Re: [Fedora-legal-list] CAcert.org license
by Tom Callaway
On Tue, 2008-12-09 at 23:03 +0100, Matthias Saou wrote:
> > >>>>> "TC" == Tom \"spot\" Callaway <Tom> writes:
> > TC> Given that it does not give permission for us to redistribute (the
> > TC> cornerstone requirement for Content licenses), this license is not
> > TC> acceptable for Fedora.
> > I guess I'm glad I looked before approving the package, but I have to
> > wonder: Do the cacert folks actually want anyone to use their
> > certificates? I mean, this prevents basically everyone from using
> > them, because they can't come with the OS or the browser.
> Personally, the more I read the document, the more I'm confused.
> "You may NOT distribute certificates or root keys under this
> licence"... does this mean we can distribute under a different license?
Well, sortof. The wording here is strange because you can get a
different license from the CA issuer. We can't just pick a license, but
the CA issuer might be willing to give us a different one.
> Would it be worth getting in contact with CAcert.org in order to try
> and have them allow us to redistribute the root certs under conditions
> which are acceptable to the Fedora Project?
Probably, yes. :)
7 years, 1 month
reg. fedora name as trademark
by Sindhu S
I noticed there is a website called usefedora.com that sells a product to
make online schools. Is this a violation of any trademark that redhat might
hold with regards to the Fedora name?
7 years, 5 months
by T.C. Hollingsworth
winetricks  is free software, but I was originally under the
impression that it was ineligible for inclusion in Fedora because it
is used primarily to download and install non-free software. (That is
not it's only function, though--it also does some registry hacks and
can manage multiple WINEPREFIXes.)
However, some members of the community disagree  and say that it
might be eligible for Fedora, so we'd like confirmation one way or the
7 years, 7 months
Transitive Grace Period Public LIcense ("TGGPL") v. 1.0
by Eric Smith
Is this license, used by Tahoe-LAFS, acceptable for Fedora (and EPEL)?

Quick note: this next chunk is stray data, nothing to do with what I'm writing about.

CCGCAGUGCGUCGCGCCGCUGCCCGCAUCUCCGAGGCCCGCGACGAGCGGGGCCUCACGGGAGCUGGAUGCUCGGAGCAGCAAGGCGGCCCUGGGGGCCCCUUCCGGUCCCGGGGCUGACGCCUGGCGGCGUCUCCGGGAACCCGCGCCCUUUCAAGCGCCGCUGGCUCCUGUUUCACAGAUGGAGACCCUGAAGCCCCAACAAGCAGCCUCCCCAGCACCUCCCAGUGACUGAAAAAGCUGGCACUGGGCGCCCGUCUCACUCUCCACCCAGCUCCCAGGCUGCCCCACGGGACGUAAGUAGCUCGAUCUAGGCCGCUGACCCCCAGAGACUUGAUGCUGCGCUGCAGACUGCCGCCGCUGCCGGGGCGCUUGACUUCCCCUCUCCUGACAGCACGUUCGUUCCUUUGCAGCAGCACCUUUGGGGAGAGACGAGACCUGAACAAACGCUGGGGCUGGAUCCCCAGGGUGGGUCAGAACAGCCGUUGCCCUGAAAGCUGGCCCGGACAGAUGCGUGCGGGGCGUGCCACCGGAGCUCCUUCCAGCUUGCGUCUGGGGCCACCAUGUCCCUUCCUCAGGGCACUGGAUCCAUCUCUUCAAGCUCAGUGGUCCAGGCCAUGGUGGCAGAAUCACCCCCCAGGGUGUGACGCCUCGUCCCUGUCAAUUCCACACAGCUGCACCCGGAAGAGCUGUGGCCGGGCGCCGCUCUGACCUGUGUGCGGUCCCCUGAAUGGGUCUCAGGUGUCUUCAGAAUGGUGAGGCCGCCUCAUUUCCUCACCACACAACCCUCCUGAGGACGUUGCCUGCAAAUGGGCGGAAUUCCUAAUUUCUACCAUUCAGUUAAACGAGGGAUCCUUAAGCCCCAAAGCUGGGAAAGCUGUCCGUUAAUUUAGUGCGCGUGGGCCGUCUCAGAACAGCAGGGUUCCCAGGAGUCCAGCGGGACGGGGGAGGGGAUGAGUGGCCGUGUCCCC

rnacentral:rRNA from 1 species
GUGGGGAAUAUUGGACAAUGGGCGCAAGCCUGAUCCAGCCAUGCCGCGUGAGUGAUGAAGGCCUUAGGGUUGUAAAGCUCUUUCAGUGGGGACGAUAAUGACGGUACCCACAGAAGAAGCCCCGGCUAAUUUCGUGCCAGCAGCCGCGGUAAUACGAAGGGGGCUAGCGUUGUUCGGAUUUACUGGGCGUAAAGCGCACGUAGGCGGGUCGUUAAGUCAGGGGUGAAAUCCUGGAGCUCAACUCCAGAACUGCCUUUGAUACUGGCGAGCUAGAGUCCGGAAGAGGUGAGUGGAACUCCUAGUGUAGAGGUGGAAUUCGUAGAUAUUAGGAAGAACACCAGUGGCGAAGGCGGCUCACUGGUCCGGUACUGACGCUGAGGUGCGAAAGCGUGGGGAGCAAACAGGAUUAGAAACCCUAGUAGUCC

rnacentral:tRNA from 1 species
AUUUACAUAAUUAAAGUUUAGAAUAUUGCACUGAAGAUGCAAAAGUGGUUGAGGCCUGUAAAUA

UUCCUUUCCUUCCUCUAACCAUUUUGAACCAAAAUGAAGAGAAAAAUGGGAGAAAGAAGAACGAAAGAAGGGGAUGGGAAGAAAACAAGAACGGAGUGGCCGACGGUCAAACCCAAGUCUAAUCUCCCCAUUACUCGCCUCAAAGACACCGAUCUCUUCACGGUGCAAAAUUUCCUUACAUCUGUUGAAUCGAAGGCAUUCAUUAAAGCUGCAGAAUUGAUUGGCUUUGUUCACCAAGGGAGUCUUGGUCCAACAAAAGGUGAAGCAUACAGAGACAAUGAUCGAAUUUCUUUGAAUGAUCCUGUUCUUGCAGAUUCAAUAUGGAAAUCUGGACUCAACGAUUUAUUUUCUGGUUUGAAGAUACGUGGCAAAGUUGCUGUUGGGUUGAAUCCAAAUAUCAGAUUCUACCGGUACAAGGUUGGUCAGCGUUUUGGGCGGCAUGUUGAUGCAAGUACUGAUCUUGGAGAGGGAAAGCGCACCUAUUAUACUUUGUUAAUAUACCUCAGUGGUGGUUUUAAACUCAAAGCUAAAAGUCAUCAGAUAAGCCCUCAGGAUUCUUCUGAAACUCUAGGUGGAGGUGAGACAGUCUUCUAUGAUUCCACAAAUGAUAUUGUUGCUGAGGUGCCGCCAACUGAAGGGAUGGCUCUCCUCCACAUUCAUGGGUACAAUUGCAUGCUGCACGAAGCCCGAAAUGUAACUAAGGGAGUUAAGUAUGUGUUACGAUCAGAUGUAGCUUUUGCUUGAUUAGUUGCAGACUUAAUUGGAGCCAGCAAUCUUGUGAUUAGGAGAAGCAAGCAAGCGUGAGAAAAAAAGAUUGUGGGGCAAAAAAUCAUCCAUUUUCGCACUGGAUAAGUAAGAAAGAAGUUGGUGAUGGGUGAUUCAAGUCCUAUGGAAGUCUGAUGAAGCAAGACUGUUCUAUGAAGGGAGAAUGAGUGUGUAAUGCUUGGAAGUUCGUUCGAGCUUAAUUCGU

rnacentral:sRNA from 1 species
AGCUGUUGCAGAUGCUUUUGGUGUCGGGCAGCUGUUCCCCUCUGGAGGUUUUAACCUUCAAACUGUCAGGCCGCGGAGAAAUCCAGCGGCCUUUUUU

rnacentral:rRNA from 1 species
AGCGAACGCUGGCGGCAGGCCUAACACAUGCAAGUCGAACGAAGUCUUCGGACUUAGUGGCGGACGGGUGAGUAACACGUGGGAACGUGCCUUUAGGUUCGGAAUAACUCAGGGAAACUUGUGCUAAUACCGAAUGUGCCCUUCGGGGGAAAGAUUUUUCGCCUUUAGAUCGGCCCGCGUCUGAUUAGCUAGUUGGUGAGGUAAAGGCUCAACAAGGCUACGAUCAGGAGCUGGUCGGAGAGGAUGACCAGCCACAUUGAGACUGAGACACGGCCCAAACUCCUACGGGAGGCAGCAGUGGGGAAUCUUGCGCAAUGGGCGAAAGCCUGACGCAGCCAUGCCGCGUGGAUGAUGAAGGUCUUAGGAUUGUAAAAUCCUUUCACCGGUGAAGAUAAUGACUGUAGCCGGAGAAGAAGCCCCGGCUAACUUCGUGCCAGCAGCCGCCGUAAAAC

As you can see, the file starts with a list of exception clauses
granting additional permissions, similar to some of the common
GPL+exceptions licenses. The license body looks OK to my non-expert
eyes; the main differences seem to be that the copyleft requirements
are allowed under some circumstances to be delayed for up to a year
(section 1c), and the external deployment provisions (section 5),
which I think are similar to the AGPL.
If there are any issues with the license preventing it from being
packaged for Fedora, I think the author may be amenable to working
8 years, 3 months
UROnode licensing question
by Jaroslav Skarvada
I wanted to package UROnode, it seemed to be GPLv2+ licensed amateur radio
software (mirror ), but I came across the following weird text in the
package (in addition to the GPLv2 text):
> URONode is free to use around the globe with the exception of:
> anywhere in or by the Commonwealth of Massachusetts
> anywhere in or by the Commonwealth of Pennsylvania
> Because of their tactics, any of my software is not to be used in these two
> states. Your cooperation is appreciated..
> - N1URO
can be such package included in Fedora?
thanks & regards
8 years, 3 months
Claims about Fair License
by Vassilis Palassopoulos
I was searching to find more information about the Fair License and found out it was mentioned here: https://fedoraproject.org/wiki/Licensing:Main
The entry in the fedora wiki says it's FSF free, GPLv2 compliant, GPLv3 compliant but I can't find any source for that (e.g. in FSF or GNU website like https://www.gnu.org/licenses/license-list.html ). There's an article in wikipedia but it's missing any citation towards these claims. The license is in the list of approved OSI licenses as one can see http://opensource.org/licenses/alphabetical but that doesn't say much in regards to the 3 claims.
The closest thing I could find is the fact that in an OSI board meeting the WTFPL was considered redundant to the Fair License http://opensource.org/minutes20090304
FSF considers WTFPL a free software and GPL-compatible license https://www.gnu.org/licenses/license-list.html#WTFPL
Personally, after reading the license, I don't think that the claims are wrong but I'm not an expert and determining the status of a license through the status of another license being used as a proxy could be risky.
Are there any reliable sources towards these claims? Is there a reasoning on why they are mentioned in the fedora wiki article (and if so I'd be interested to know what the reasoning is) or does it require more research before stating these claims?
8 years, 4 months